Former child migrant tells harrowing tale of abuse as royal commission heads to Western Australia
Rafael Núñez | April 28, 2014 at 09:02 am
The Royal Commission into Institutional Responses to Child Sexual Abuse will begin two weeks of hearings in Western Australia today.
The focus will be on four institutions run by the Christian Brothers: the Bindoon Farm School, St Mary’s Agricultural School, St Vincent’s Orphanage Clontarf and Castledare Junior Orphanage.
John Hennessey, who migrated to Australia as a child, is one of a number of men set to give evidence.
Mr Hennessey was 11 years old when he was taken from his orphanage in Bristol, England, in 1947 and sent to Western Australia.
He says the commission will open old wounds.
“I remember one day – it was a Sunday – these three Christian Brothers came to the hall and the nuns told us the Brothers are looking for children to go to Australia,” he said.
“They said ‘You go to Australia – kangaroos will take you to school, there’s fruit everywhere’. We were only little kids and this was music to our ears.”
‘A living hell’: hard labour, savage beatings and sexual abuse
Mr Hennessey was among a group of children shipped to Fremantle and then taken to Bindoon, about an hour north of Perth.
“I remember Brother Keaney, he was a big man dressed in his black habit. He said: ‘Welcome. We’re going to make men of you, we don’t want you to be little girls’,” he said.
“The place was half built. Now you look at it, I can’t understand why nobody checked out where we were going.”
The boys were forced to help construct the property’s Spanish-style buildings with their bare hands.
But Mr Hennessey says hard labour was not the worst of it, with savage beatings and sexual abuse making Bindoon a living hell.
“In those days, we were little kids, we didn’t know what paedophilia was,” he said.
“You’d go to bed at night-time fearing that someone was going to come to your bed and pick you up.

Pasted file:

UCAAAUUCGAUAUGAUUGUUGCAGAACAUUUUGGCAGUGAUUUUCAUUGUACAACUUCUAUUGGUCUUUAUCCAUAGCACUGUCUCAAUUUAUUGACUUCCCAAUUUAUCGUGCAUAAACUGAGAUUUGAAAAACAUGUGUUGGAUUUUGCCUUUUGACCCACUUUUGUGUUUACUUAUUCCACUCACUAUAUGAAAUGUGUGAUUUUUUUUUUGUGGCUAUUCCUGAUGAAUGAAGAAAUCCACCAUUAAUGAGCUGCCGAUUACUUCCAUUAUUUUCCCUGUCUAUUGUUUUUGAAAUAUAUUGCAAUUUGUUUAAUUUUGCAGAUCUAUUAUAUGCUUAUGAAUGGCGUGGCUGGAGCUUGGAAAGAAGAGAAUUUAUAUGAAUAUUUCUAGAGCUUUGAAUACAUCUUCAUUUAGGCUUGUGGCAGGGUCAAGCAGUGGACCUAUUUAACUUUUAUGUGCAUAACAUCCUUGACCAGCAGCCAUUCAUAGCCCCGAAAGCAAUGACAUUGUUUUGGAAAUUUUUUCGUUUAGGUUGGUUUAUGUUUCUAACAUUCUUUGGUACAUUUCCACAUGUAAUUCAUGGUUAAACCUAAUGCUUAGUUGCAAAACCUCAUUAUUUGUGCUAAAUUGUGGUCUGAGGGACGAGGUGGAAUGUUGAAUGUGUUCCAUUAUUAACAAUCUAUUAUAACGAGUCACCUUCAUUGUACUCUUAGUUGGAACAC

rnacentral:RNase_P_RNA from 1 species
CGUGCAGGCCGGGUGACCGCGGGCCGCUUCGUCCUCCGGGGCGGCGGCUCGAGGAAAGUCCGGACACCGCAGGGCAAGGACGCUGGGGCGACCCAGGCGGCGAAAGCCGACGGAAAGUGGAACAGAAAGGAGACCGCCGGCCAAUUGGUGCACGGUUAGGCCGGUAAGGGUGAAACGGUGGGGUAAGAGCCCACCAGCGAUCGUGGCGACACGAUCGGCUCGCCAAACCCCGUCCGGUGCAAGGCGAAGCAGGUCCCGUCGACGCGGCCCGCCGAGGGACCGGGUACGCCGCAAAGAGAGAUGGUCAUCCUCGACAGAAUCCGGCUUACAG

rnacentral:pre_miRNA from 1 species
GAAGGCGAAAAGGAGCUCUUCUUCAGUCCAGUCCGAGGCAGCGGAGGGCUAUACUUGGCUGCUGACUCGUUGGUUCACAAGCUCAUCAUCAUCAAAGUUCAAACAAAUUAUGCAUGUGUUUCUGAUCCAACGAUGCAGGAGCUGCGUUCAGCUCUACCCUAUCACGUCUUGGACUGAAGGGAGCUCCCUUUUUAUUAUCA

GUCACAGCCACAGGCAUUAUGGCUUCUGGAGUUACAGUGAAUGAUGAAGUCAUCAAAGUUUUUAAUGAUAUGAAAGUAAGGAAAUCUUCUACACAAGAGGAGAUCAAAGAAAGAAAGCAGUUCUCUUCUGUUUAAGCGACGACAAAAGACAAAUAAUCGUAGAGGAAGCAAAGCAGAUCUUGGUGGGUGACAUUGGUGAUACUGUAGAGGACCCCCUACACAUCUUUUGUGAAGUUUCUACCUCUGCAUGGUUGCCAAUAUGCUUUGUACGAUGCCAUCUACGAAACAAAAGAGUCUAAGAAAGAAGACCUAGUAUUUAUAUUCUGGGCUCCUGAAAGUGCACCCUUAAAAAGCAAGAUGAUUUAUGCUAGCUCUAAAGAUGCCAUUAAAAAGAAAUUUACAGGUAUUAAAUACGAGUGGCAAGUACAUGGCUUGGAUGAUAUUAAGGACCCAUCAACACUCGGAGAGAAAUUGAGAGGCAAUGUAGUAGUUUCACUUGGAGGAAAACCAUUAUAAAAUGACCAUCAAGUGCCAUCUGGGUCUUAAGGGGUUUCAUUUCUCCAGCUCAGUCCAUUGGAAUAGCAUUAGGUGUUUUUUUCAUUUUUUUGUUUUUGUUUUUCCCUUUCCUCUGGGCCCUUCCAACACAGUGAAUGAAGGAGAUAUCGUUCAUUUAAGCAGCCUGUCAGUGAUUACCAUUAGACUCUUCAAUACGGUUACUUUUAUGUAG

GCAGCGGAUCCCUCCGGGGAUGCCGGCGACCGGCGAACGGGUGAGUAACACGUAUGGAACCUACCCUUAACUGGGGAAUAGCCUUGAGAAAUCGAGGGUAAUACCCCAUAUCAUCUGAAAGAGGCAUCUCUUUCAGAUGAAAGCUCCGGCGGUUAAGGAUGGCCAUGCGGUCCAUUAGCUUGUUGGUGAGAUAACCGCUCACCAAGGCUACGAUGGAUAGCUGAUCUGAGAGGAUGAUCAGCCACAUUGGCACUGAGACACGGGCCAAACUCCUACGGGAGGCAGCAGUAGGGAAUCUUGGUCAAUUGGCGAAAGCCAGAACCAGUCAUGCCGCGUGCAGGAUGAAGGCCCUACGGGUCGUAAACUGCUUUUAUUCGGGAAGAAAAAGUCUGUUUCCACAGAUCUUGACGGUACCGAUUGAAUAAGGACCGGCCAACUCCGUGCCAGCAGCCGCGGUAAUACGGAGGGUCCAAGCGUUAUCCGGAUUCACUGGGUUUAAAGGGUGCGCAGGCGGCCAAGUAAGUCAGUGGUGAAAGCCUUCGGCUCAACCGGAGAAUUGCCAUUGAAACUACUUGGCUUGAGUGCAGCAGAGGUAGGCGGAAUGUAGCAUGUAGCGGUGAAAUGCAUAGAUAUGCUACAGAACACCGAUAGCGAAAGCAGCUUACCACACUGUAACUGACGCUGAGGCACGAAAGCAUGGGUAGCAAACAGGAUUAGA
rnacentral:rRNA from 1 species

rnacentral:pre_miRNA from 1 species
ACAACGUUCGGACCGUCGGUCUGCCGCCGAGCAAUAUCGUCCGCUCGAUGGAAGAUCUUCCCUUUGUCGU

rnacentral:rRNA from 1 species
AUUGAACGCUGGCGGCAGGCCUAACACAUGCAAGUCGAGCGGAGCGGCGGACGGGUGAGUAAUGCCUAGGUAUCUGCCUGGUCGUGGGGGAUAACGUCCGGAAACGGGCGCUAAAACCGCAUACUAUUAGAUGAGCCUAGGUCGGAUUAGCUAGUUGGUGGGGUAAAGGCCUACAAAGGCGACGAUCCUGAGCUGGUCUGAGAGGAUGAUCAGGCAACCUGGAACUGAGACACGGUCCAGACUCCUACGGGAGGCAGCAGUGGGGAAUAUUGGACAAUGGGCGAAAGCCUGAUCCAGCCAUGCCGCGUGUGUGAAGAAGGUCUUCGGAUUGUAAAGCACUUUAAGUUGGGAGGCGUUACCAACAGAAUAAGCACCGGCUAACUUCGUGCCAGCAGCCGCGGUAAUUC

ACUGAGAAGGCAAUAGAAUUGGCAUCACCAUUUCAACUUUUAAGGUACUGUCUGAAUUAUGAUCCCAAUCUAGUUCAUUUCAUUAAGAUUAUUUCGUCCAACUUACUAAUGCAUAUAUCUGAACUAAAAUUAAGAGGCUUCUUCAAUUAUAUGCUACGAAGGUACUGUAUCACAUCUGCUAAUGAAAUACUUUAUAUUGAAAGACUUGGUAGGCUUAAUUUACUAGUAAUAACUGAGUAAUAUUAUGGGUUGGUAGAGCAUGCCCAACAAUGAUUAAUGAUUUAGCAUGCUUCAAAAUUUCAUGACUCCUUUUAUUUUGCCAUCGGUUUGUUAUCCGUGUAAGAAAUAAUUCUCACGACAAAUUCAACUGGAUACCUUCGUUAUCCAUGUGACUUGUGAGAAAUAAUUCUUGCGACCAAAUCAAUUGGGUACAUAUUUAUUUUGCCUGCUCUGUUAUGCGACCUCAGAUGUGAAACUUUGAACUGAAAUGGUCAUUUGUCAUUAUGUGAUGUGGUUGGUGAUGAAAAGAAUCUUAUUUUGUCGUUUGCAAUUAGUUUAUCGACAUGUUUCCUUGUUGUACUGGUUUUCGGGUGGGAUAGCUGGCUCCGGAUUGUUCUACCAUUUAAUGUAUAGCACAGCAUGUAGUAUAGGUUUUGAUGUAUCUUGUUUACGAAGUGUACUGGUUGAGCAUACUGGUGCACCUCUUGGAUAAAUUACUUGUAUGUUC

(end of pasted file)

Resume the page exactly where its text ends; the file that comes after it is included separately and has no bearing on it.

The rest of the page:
“We used to go to confessions and tell them all sorts of things. And we didn’t know that the priest also was a paedophile.”
Mr Hennessey was emotional as he recounted a particularly brutal beating he believes caused the stutter he has lived with ever since.
He said he was confronted by Brother Keaney in the dining hall after sneaking into his vineyard and stealing grapes.
“He lashed out with his walking stick, it had a metal bottom to it, and he belted me over the head and what have you,” he said.
“Then he stripped me, put me over a chair and nearly flogged me to death.
“Abuse and bullying was just the norm.”
‘Extreme cases’ of abuse to be put forward: commission
The royal commission will spend two weeks in Perth listening to the stories of victims from the four children’s homes.
The commission’s chief executive, Janette Dines, warned some of the evidence presented would be particularly severe.
“These stories are probably quite well-known to people in Western Australia because the Christian Brothers institutions have been the subject of a number of inquiries,” she said.
“Certainly, from what we’re aware, the stories of physical and sexual abuse are very confronting, and there will be some quite extreme cases of abuse put before the royal commission.”
The Christian Brothers apologised to West Australian victims in the 1990s and reached an out-of-court settlement with some of them.
Ms Dines said the Perth hearings would look at that response, as well as the way the State Government handled complaints and compensation claims.
“This is the first time that the commission has really specifically gone into redress,” she said.
“It can do so very effectively through this case study because there are so many different schemes featured.”
The body set up by the Catholic Church to respond to the commission says it is expecting horrific stories of abuse and has called for full transparency.
“It’s incumbent on the Christian Brothers to come forward again and explain themselves, to make sure the truth is revealed and demonstrate to the community the sincerity they hold for the victims,” said Francis Sullivan, the chief executive of the Truth, Justice and Healing Council.
“Whether it’s the Christian Brothers or the State Government or any other element in how this was handled – how the legal, civil actions were handled – it all needs to be revealed.”
Mother told child had died at birth
Mr Hennessey campaigned for the royal commission and says it is important for victims like himself to come forward.
He was reunited with his mother when he was 57 and spent six years with her before she died.
“She’d been told I died at birth,” he said.
“I never told her of my childhood days because I thought it was enough what she went through and it would break her heart.
“I’m doing this for my mother. If I can only save one child from what I went through, it’s all worthwhile.
“We will be washed clean but forever tortured. There’s no way out of that one.”
Source: ABC News
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